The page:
Sohum does mention repeatedly that an early start is best. He started his first company in his second year of study at the National University of Singapore and managed to get it registered by his third year. While his friends were looking for companies to intern at as per university requirements, he managed to intern officially at his own company! If it were up to him, he would make it mandatory for students to start a company as part of the university curriculum.

Besides, Sohum also talks about how experience is important and how he has learnt a lot from the things he did wrong. If one starts young, one would be able to accumulate much more years of experience. Looks like a compelling argument for any entrepreneur to start young!

  • Balancing skills

“A successful entrepreneur is one who knows how to blend his business competence and entrepreneurnal spirit together in a balance.”

For Sohum, one matures from being a pure entrepreneur into a businessman. He believes that an entrepreneur in the purest form is like an artist who does not care about commercialism. Slowly as one matures, an entrepreneur learns to become a businessman. Sohum is quick to point out that when money becomes a priority, there might be a loss of the innovative edge and this is where the balancing skills come in handy.

However, it is not to say that an entrepreneur should not be entirely focused on developing his idea but instead, he/she should not lose sight of his/her own interests in terms of company shares and profits.

  • Objectivity

“Don’t be blindly in love with your idea, be ready to adapt and change.”

This is sound advice! Whenever anyone comes up with an idea, he/she would naturally be excited about it and probably think that it is the best idea in the world. What Sohum says is that one should be prepared to face with criticism or negative feedback. When that happens, one needs to be objective and review the feedback gathered with a critical eye. He mentions that critics are actually your best friends- they are help you to improve and develop your idea. So polish up the idea after listening to the critics and make it a gem!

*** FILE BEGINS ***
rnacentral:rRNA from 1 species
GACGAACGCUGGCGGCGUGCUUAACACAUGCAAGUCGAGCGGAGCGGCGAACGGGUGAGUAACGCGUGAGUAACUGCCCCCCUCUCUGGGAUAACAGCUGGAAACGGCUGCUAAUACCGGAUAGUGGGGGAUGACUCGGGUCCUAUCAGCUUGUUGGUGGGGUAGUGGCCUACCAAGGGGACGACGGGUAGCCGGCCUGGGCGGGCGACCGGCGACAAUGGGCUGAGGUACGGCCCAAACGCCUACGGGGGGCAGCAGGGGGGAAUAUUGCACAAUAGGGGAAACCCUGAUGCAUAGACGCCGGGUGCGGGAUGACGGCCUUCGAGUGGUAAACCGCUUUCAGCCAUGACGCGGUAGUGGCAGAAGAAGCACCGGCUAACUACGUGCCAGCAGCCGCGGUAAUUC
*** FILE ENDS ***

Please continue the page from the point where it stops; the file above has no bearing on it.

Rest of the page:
• Competency

“Win respect and trust. Not demand.”

Being a boss so young has its challenges. Sohum experienced this first hand when he was trying to employ workers for his first entrepreneurnal project. He shared that looking young and trying to employ a person who has a double degree and industry knowledge is no small feat. “Who would take you seriously?” he exclaims. While that might be an issue, he overcame his relative inexperience by making sure that he was competent in what he does know.  Winning respect and trust is not easy but at the end of the day, it is possible with hard work, knowledge and humility.

  • Management skills

“You don’t need to be the most senior or the most competent.”

Being the founder and boss of his team, Sohum believes that his core function in his company is to manage. While he may not be the most senior on his team, he does not see that as a disadvantage. His advice is for entrepreneur bosses to always remember that they are running a team. You have to acknowledge others’ expertise while keeping in mind that you are not expected to know everything. Always be sure that you know what you are supposed to know and tap on the team’s expertise when it is needed.

  • Trust

“Funding is about trust and inspiration.”

When asked about his experiences in getting funding for his projects, Sohum says without hesitation that investors typically look out for people who are committed and trustworthy. Commitment is easy to spot in an entrepreneur when there is passion in his/her pitch, the problem only arises when investors try to assess your trustworthiness. The easiest way, he reckons, is to invest your own money in your company. Nothing instills trust in investors as much as that! Investors are more likely to believe in your project if they see you backing it yourself to the extent of putting in your own money. So, be ready to tap into your own funds!

Being the director for the Mobile Marketing Association APAC region, what are some developments in the region that might be exciting for aspiring or budding entrepreneurs?